Mission Hills bowing out with final major in the desert
RANCHO MIRAGE, Calif. (AP) — Come Sunday at Mission Hills, the winner will take the last traditional victory leap into Poppie’s Pond — and the women’s major golf tournament best known as the Dinah Shore will be history in the desert.
Unable to find a sponsor willing to remain at Mission Hills, the tournament — now called The Chevron Championship — is headed to Houston next year under a six-year deal with Chevron that ends a half-century run at the beloved course.
“It’s definitely unfortunate that it will be moving from this special venue,” said Lexi Thompson, the 2014 champion who made her first start at age 14. “I think we’re all a bit bummed out about it, but at the same time, we’re not losing the event, we’re just losing the location.”
The tournament started in 1972 as the Colgate-Dinah Shore Winner’s Circle with a $100,000 purse that was the largest in women’s golf — and more than the U.S. Women’s Open ($40,000) and LPGA Championship ($50,000) combined. The 54-hole event featured LPGA Tour winners from the previous 10 years and a popular host in entertainer Shore.
Amy Alcott was the first to jump in Poppie’s Pond in 1988, celebrating her second victory in the event that became a major in 1983. She did it again in 1991, with Shore joining. Donna Andrews was the next to take the plunge in 1994, Nanci Bowen followed the next year and the tradition stuck.
“Obviously, jumping into Poppie’s Pond is one of my best memories,” Thompson said. “Honestly, just the atmosphere of this whole event in general. The fans really get behind it. The golf course is always in amazing shape for us. Mission Hills does it right.”
The Desmond Muirhead-designed course is packed with more tradition than any other in women’s golf, with the 51st edition set to begin Thursday.
“This place, I guess the best compliment you can give it is it’s the same every time you come here,” said Stacy Lewis, the 2011 winner making her 15th appearance in the event. “Golf course is always in great shape. You kind of know what to expect when you’re coming. Just excited to have one more opportunity to try to win here.”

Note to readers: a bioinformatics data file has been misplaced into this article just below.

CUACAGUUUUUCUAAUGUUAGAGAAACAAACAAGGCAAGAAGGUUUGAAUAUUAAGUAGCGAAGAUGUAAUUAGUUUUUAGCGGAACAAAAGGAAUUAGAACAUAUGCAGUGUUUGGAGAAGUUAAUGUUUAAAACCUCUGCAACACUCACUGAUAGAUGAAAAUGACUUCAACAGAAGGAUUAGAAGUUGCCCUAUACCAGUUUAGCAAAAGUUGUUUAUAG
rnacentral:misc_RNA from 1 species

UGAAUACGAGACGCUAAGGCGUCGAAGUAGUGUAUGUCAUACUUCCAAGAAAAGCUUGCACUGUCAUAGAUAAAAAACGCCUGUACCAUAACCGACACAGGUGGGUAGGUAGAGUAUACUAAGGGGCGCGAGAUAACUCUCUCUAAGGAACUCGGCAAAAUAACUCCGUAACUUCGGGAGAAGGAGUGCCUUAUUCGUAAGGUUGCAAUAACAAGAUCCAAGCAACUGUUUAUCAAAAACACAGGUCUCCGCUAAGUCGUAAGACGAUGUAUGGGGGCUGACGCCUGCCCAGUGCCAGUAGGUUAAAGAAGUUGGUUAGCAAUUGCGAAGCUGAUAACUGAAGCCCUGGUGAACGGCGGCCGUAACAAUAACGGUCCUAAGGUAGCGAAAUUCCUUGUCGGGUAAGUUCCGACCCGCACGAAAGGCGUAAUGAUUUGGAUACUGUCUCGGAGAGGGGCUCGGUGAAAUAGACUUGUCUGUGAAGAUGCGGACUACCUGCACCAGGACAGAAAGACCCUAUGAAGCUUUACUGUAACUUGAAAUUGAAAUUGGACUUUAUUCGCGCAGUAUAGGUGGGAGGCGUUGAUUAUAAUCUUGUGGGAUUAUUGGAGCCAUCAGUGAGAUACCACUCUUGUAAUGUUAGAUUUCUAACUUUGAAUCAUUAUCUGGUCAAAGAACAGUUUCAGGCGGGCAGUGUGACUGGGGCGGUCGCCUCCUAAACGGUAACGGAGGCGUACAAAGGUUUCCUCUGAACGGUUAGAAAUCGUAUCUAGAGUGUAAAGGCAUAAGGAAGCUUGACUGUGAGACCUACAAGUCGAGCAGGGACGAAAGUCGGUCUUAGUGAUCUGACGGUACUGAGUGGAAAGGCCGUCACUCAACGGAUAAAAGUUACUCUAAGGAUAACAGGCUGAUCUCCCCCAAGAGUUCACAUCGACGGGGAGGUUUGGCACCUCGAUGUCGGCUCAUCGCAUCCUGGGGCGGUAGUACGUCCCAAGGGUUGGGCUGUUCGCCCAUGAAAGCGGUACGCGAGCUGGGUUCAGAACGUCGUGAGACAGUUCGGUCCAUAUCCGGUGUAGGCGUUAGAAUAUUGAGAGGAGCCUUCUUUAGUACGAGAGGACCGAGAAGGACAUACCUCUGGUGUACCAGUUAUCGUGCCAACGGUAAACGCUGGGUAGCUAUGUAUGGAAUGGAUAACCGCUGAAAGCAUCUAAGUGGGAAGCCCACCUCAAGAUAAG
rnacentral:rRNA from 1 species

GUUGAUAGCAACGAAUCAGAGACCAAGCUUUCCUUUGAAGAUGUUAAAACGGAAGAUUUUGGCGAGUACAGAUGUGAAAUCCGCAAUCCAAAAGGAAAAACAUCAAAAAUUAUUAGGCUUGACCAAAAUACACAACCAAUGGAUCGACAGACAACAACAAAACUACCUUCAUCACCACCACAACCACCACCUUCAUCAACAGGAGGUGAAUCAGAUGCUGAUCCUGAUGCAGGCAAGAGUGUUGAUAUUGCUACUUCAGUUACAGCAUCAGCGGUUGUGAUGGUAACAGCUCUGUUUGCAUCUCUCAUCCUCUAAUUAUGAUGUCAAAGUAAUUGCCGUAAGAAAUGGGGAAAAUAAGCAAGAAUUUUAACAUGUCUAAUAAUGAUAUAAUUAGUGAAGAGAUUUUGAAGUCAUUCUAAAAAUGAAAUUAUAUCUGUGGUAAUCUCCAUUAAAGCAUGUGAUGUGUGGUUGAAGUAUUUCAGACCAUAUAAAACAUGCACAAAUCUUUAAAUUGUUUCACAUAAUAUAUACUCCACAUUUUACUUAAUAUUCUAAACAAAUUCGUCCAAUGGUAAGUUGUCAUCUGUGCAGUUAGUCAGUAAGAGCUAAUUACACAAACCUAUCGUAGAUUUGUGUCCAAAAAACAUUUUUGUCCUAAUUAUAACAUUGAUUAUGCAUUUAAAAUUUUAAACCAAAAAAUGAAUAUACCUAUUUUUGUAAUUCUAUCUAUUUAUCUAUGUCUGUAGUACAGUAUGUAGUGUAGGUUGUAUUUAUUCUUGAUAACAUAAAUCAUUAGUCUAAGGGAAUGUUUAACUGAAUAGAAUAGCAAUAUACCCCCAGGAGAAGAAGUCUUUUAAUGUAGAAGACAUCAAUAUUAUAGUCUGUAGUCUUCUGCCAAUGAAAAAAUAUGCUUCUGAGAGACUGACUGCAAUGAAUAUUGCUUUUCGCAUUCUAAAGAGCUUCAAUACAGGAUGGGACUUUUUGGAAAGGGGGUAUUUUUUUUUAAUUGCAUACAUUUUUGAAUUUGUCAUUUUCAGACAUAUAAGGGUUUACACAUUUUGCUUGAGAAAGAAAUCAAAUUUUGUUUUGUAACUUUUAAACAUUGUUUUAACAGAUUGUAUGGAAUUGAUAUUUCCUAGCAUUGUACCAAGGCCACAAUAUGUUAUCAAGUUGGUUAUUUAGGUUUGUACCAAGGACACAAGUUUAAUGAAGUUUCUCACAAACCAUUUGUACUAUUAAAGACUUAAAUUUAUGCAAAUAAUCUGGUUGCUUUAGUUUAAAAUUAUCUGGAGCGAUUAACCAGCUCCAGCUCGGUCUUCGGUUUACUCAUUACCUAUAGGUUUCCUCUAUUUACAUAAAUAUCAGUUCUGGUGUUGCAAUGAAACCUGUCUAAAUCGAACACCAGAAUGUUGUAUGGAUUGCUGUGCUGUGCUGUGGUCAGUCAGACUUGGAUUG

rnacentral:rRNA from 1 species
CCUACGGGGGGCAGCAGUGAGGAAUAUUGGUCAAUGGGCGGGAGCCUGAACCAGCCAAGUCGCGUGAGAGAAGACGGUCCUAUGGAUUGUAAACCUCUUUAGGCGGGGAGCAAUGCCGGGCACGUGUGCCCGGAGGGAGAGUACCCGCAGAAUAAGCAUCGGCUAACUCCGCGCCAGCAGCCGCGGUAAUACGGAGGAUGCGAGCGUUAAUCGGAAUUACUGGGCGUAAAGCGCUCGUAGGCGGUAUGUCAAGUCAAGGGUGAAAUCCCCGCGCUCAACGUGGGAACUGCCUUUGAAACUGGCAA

The tree-lined layout has spectacular mountain backdrops and colorful floral displays.
“Just the beauty that surrounds this golf course and the golf course itself, it’s always an incredible feeling,” Canadian Brooke Henderson said.
The pretty course demands accuracy of the tee.
“Just trying to hit straight driver,” 2019 winner Jin Young Ko said. “This course, fairways are narrow, so we need to keep it in the fairway. That’s why I love this course, I love to play this course.”
Mission Hills is as hard and quick as ever for the finale, just the way 2013 champion Inbee Park likes it.
“I like playing Mission Hills when it’s firm and fast,” Park said. “When it plays a little bit wet and soft, I mean, that’s when I like it the least.”
Chevron raised the purse from $3 million to $5 million and is investing $1.2 million over six years in the LPGA Foundation. Nabisco, then Kraft Nabisco sponsored the event from 1982-2014 and Japanese airline ANA was the title sponsor the last seven years.
“It’s a bittersweet goodbye, I guess,” defending champion Patty Tavatanakit said. “What Chevron did to this tournament, raising the purse and really growing the women’s game, it’s something truly what we’re after, what everyone is after.”
DIVOTS: Second-ranked Nelly Korda is sidelined as she recovers from a blood clot in her arm. She tied for second in 2020 and tied for third last year. … Ko and Thompson are paired together the first two days. They will open Thursday on No. 10 at 8:27 a.m. Tavatanakit is paired with Danielle Kang. They will start on No. 10 at 1:19 p.m. … Atthaya Thitikul, coming off her first LPGA Tour victory Sunday in Carlsbad, is the youngest player in the field at 19.
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